The HCV-RNA quantification was done by real time PCR (AmpliPrep/Cobas Taqman, Roche Molecular Systems, Branchburg, NJ, United States) with lower limit of detection of 15 IU/mL. Genotyping was done by INNO-LiPA HCV assay: Versant HCV genotype 2.0 assay (Siemens HealthCare Diagnostics, Tarrytown, NJ, United States). The genotype and HCV-RNA quantification were determined in a single laboratory, the Sadelaoud laboratory in Batna. The data about possible risk factors for HCV transmission were not available in the laboratory database.
Pearson’s χ2 and Fisher’s exact tests were used to assess the differences in the patients’ characteristics of the genotype, subtype, viral load, age, sex and region. Age was categorized into two groups: < 60 years and ≥ 60 years and the genotype into two groups: “genotype 1” and “others” respectively. To assess the genotype distribution according to age and region, binomial logistic regression was performed with P: probability to be infected by genotype 1. The interaction of the covariate region on the association between the age and genotype was tested by the likelihood ratio test comparing the models with and without the interaction term. The interaction was significant if P < 0.05. The statistical analysis was done using the R version 2.15.1 statistical software.
The main demographic characteristics of the patients are shown in Table 1. The majority of the patients (82.5%, 359/435) were from the central part of the examined region (P = 0.002). The mean age of the patients studied was 53.6 ± 11.5 years (range 20 to 86 years) but over two thirds of the patients (70.6%, 307/435) were > 50 years old. There was a clear predominance of females (F/M ratio = 1.9). The female predominance was significant in all age groups (P = 0.04) except for the youngest in which we observed male predominance.
|Male, 150 (34.5)||Female, 285 (65.5)|
|Age (yr)||20-29||12 (8)||7 (2.5)||0.04|
|30-39||13 (8.7)||20 (7)|
|40-49||28 (18.7)||48 (16.8)|
|50-59||50 (33.3)||128 (44.9)|
|60-69||33 (22)||63 (22.1)|
|> 70||14 (9.3)||19 (6.7)|
|Region||Central||112 (74.66)||247 (86.66)||0.002|
|North||31 (20.66)||26 (9.12)|
|South||7 (4.66)||12 (4.21)|
The viral load was assessed in all patients and the values were reported to the threshold of 600000 IU/mL: 276 patients (63.4%) had a viral load ≥ 600000 IU/mL and 159 (36.6%) had a viral load < 600000 UI/mL.
Five genotypes (1 to 5) and ten subtypes of HCV were identified in the studied population (Table 2). HCV genotype 1 was the most prevalent (88.7%), followed by genotypes 2 (8.5%), 4 (1.1%), 3 (0.9%) and 5 (0.2%). Genotype 6 was not detected in these patients. The most prevalent subtype was subtype 1b (86.2% out of the total). Twenty patients (4.6%) had mixed infection across the HCV subtypes: eighteen within subtype 2a/2c, one within subtype 1a/1b and one case with subtype 4a/4c/4d. There were no patients with mixed genotype infection. Genotypes 1 and 2 were found in the majority of wilayas (fourteen and ten respectively) (Figure 2). Genotypes 3 and 5 were found in the wilayas of Setif and Constantine respectively, and genotype 2 was found in the wilayas of Batna, Oum El Bouaghi and Setif.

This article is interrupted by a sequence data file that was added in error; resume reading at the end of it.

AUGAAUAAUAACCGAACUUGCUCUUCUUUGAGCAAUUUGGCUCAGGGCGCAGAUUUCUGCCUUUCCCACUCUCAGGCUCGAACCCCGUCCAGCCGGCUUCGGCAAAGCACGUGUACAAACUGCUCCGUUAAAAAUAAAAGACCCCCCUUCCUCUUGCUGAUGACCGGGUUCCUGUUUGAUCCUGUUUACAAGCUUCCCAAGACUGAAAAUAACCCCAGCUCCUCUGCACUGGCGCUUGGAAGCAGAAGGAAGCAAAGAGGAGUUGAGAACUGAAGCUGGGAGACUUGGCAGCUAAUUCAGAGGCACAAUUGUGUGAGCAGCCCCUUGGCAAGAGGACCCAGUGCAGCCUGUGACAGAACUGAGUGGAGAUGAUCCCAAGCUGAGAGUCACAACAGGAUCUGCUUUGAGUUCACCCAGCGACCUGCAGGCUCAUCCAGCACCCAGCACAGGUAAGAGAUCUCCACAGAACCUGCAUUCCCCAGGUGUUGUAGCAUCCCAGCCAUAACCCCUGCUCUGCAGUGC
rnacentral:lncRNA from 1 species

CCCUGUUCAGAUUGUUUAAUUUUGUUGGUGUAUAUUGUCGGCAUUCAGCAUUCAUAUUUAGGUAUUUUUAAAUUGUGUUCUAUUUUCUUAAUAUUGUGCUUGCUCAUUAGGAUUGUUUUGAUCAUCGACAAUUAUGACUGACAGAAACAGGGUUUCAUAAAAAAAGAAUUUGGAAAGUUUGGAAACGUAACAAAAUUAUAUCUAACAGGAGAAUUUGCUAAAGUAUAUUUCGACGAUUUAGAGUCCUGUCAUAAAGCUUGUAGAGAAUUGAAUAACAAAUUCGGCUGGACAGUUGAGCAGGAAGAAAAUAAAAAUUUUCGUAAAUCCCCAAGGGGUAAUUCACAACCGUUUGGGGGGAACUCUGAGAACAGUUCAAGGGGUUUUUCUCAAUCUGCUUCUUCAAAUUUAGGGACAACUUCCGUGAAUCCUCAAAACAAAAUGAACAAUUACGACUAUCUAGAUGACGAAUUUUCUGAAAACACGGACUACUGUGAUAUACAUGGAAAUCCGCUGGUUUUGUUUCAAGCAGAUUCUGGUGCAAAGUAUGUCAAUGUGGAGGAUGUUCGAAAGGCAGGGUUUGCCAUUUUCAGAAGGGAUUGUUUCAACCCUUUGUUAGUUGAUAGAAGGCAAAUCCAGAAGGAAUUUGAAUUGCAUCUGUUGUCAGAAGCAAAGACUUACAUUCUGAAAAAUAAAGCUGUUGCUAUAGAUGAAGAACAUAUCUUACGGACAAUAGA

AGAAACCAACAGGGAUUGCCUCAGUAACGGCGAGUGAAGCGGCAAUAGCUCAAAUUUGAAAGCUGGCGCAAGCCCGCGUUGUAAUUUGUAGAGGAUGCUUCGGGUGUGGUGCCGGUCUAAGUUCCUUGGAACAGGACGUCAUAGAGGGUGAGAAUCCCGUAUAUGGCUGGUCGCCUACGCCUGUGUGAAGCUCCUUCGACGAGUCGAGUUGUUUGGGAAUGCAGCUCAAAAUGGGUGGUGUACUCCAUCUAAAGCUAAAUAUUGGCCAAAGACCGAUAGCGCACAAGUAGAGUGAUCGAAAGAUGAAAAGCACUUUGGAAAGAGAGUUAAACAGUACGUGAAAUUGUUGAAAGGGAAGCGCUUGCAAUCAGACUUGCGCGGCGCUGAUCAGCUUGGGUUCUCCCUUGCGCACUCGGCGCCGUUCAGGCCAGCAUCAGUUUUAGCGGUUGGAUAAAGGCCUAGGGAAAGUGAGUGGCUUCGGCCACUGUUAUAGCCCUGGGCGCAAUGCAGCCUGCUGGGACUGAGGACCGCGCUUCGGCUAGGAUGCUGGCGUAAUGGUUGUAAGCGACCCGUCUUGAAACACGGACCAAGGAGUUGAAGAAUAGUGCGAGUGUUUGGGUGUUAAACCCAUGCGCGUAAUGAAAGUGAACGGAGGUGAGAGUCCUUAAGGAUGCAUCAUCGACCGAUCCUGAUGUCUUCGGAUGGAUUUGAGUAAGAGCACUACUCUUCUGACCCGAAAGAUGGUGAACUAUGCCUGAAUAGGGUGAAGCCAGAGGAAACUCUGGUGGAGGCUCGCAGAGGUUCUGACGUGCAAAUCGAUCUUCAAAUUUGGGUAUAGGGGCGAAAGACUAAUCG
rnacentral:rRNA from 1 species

|Genotype||n (%)||Subtype||n (%)|
|1||386 (88.7)||1a||6 (1.55)|
|Undefined subtypes||4 (1.0)|
|2||37 (8.5)||2a/2c||18 (48.6)|
|Undefined subtypes||16 (43.2)|
|3||4 (0.9)||3a||4 (100)|
|4||5 (1.1)||4a||1 (20)|
|Undefined subtypes||3 (60)|
|5||1 (0.2)||5a||1 (100)|
|Unclassified||2 (0.4)||2 (100)|
The genotype distribution is related to the age and region (Table 3). Genotype 1 was more frequent than the other genotypes in all age groups and regions. Genotype 1 was significantly less frequent in the ≥ 60 age group than in the younger age group (OR = 0.2; 95%CI: 0.1-0.5, P < 0.001) (Table 4). Furthermore, genotype 1 was more frequent in the central part than elsewhere (P < 0.01). We did not find a significant association between the HCV genotype and sex or viral load (Table 3).
|Risk factors||Genotype 1||Other genotypes||P value|
|Age (yr)||< 0.0001|
|< 60||284 (65.3)||22 (5.1)|
|≥ 60||102 (23.4)||27 (6.2)|
|Male||132 (30.3)||18 (4.1)|
|Female||254 (58.4)||31 (7.1)|
|Central||327 (75.2)||32 (7.4)|
|North||43 (9.9)||14 (3.2)|
|South||16 (3.7)||3 (0.7)|
|Viral load (IU/mL)||0.2|
|< 600000||144 (33.1)||15 (3.4)|
|≥ 600000||241 (55.4)||33 (7.6)|
This is the first study to establish HCV genotype prevalence carried out on a large number of patients covering the north eastern geographical region of Algeria. Genotype 1b was a significantly predominant (86.2%) type. The result differs from what was reported in north western Algeria where the genotype 2a/2c was predominant (47%). In our study, genotype was not determined in two patients (unclassified genotype). This could be due to the very low HCV viral load in those two patients. Also, 23 patients have an undefined subtype which may be due to the technical limits of our genotype determination tool.